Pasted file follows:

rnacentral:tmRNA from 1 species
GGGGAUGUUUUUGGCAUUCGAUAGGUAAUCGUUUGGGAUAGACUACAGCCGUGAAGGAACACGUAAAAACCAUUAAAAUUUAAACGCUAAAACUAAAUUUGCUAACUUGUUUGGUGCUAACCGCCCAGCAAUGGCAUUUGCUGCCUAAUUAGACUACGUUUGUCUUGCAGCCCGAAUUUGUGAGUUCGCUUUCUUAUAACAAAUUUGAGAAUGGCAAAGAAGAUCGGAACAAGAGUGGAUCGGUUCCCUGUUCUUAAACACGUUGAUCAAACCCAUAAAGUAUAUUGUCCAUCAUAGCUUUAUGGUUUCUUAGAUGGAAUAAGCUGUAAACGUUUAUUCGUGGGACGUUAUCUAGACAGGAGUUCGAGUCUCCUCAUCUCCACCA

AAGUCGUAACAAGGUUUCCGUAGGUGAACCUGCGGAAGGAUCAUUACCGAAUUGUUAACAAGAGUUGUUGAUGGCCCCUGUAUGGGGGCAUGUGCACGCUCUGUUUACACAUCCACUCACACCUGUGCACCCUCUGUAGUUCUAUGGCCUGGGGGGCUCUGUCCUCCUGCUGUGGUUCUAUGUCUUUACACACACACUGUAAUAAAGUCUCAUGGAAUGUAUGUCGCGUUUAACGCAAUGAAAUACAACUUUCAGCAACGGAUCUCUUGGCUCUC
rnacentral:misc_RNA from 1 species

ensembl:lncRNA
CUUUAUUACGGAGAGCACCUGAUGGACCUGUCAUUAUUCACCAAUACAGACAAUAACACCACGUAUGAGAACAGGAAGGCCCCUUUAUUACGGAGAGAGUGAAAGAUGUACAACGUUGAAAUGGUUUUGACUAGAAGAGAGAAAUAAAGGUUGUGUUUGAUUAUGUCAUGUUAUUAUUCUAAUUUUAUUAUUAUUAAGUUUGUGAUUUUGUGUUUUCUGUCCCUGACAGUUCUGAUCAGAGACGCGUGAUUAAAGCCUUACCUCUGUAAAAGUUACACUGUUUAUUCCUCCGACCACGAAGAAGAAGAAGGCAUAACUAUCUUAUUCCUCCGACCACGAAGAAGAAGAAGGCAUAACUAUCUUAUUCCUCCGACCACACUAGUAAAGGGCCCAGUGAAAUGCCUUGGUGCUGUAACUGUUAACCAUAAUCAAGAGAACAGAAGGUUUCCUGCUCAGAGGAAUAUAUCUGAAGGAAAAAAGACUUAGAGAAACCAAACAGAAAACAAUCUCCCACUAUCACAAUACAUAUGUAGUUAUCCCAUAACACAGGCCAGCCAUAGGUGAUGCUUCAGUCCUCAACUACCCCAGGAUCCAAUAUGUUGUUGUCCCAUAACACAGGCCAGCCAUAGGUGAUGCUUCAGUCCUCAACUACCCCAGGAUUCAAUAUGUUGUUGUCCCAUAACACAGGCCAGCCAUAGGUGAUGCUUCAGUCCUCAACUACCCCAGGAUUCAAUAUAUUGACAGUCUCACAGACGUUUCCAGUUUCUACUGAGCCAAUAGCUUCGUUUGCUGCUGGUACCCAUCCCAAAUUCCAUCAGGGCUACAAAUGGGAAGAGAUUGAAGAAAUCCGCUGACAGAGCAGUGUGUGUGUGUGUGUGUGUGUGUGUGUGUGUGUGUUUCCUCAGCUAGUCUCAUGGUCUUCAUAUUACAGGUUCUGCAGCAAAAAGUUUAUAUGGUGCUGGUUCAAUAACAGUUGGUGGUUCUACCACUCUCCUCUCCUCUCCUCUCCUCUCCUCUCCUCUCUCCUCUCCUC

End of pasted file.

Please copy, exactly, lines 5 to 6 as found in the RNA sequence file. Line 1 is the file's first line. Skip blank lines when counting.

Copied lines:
ensembl:lncRNA
CUUUAUUACGGAGAGCACCUGAUGGACCUGUCAUUAUUCACCAAUACAGACAAUAACACCACGUAUGAGAACAGGAAGGCCCCUUUAUUACGGAGAGAGUGAAAGAUGUACAACGUUGAAAUGGUUUUGACUAGAAGAGAGAAAUAAAGGUUGUGUUUGAUUAUGUCAUGUUAUUAUUCUAAUUUUAUUAUUAUUAAGUUUGUGAUUUUGUGUUUUCUGUCCCUGACAGUUCUGAUCAGAGACGCGUGAUUAAAGCCUUACCUCUGUAAAAGUUACACUGUUUAUUCCUCCGACCACGAAGAAGAAGAAGGCAUAACUAUCUUAUUCCUCCGACCACGAAGAAGAAGAAGGCAUAACUAUCUUAUUCCUCCGACCACACUAGUAAAGGGCCCAGUGAAAUGCCUUGGUGCUGUAACUGUUAACCAUAAUCAAGAGAACAGAAGGUUUCCUGCUCAGAGGAAUAUAUCUGAAGGAAAAAAGACUUAGAGAAACCAAACAGAAAACAAUCUCCCACUAUCACAAUACAUAUGUAGUUAUCCCAUAACACAGGCCAGCCAUAGGUGAUGCUUCAGUCCUCAACUACCCCAGGAUCCAAUAUGUUGUUGUCCCAUAACACAGGCCAGCCAUAGGUGAUGCUUCAGUCCUCAACUACCCCAGGAUUCAAUAUGUUGUUGUCCCAUAACACAGGCCAGCCAUAGGUGAUGCUUCAGUCCUCAACUACCCCAGGAUUCAAUAUAUUGACAGUCUCACAGACGUUUCCAGUUUCUACUGAGCCAAUAGCUUCGUUUGCUGCUGGUACCCAUCCCAAAUUCCAUCAGGGCUACAAAUGGGAAGAGAUUGAAGAAAUCCGCUGACAGAGCAGUGUGUGUGUGUGUGUGUGUGUGUGUGUGUGUGUGUUUCCUCAGCUAGUCUCAUGGUCUUCAUAUUACAGGUUCUGCAGCAAAAAGUUUAUAUGGUGCUGGUUCAAUAACAGUUGGUGGUUCUACCACUCUCCUCUCCUCUCCUCUCCUCUCCUCUCCUCUCUCCUCUCCUC